A Climate of Urgency Makes Drastic Decisions Seem Justified

I’m starting to see a trend in the way our government operates:

Step 1: Do nothing for a few months.

Step 2: Recognize a looming problem. Sell it as a crisis that is the biggest threat to our well-being ever.

Step 3: Rush through legislation which has drastic fundamental consquences on the future of our country without much deliberation, public discussion, debate, or any kind of open forum for ideas.

Step 4: Use the successful or failed (both are claimed to be true) resolution of the “crisis” in the next election to raise money.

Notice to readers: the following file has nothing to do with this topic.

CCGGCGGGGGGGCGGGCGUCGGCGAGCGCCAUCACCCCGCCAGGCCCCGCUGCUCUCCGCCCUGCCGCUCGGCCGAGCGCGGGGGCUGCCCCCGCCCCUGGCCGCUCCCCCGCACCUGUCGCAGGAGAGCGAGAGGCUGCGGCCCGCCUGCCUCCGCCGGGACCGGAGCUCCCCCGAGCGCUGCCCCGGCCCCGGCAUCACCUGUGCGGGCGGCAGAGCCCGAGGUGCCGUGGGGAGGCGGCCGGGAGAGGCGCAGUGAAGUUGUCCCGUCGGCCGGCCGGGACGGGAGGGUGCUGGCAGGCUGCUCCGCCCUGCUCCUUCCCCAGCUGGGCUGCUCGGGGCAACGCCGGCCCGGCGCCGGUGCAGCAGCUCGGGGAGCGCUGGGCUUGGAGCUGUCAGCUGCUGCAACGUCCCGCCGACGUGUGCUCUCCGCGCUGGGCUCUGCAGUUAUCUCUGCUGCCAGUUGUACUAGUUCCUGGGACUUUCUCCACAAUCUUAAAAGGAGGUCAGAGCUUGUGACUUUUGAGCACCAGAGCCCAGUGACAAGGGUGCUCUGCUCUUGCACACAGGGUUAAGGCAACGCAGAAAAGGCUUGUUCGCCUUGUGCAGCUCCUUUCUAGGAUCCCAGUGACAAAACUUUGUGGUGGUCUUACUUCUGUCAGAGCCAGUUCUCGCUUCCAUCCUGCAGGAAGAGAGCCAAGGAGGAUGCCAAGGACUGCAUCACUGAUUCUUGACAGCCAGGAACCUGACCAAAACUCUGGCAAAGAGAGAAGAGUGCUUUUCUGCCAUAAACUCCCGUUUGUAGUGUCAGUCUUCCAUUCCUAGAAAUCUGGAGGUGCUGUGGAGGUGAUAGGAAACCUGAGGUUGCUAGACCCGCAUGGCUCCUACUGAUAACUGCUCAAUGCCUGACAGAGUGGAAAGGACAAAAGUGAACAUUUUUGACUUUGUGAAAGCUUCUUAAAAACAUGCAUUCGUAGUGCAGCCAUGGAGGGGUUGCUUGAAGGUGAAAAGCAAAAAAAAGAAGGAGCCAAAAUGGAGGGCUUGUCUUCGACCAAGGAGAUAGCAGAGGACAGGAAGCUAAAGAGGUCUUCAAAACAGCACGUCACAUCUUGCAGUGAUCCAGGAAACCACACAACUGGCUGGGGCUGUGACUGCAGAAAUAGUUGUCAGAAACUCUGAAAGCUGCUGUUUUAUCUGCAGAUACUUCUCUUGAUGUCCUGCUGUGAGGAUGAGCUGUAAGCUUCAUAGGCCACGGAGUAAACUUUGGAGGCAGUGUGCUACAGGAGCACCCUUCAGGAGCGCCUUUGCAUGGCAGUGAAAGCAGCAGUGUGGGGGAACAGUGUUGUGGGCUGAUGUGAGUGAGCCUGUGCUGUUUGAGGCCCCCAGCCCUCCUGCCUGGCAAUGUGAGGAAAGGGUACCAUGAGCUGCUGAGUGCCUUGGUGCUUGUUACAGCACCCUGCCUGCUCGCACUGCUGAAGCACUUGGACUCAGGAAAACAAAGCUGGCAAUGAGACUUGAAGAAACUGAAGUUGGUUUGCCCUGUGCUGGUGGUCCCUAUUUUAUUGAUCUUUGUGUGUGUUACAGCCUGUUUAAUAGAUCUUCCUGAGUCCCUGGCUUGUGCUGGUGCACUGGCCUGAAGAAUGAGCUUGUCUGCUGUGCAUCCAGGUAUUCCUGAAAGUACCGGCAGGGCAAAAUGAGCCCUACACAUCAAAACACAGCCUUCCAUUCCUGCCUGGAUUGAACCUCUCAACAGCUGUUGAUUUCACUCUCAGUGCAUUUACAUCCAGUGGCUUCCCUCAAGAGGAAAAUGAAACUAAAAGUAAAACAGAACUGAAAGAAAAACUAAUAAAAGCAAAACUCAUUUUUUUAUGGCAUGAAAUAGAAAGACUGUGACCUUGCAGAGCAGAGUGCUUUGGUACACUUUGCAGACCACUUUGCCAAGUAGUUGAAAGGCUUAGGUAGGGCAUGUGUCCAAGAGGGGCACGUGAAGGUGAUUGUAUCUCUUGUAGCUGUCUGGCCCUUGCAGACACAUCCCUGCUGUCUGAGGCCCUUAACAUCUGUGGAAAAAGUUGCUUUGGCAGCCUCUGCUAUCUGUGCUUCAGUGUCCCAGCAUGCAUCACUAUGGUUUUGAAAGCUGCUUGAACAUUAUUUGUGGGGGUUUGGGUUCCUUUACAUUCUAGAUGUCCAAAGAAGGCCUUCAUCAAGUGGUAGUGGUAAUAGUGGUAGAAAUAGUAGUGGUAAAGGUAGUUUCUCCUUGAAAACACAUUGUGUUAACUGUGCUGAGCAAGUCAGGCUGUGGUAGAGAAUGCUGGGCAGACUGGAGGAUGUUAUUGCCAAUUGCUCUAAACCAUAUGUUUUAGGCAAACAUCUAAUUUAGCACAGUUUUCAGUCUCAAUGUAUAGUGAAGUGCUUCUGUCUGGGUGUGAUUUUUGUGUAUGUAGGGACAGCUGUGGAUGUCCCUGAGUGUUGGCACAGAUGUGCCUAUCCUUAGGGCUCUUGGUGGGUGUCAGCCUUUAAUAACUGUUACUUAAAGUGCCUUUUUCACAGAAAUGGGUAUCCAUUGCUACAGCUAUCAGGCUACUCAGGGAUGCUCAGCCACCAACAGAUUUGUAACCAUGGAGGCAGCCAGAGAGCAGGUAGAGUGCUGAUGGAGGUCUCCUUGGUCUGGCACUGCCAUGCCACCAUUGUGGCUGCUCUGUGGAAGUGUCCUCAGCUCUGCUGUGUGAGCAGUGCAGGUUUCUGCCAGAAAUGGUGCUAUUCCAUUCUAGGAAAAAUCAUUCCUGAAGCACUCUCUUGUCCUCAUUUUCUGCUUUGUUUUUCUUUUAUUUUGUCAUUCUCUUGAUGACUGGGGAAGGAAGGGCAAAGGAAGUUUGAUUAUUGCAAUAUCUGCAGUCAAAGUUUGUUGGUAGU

Wars (like Iraq and Afghanistan) are an especially clear example of this, however, the current debt ceiling crisis is another tragic example. I don’t yet know the outcome of the private meetings between Obama and the key political figures involved, but I do know that the lives of millions of Americans will be affected by the inevitable cuts in treasured programs and the inevitable tax reform.

These are important and difficult public policy questions, and yet the American people are not involved in any real sense, because the span of time over which options are weighed is weeks (even days), not years.

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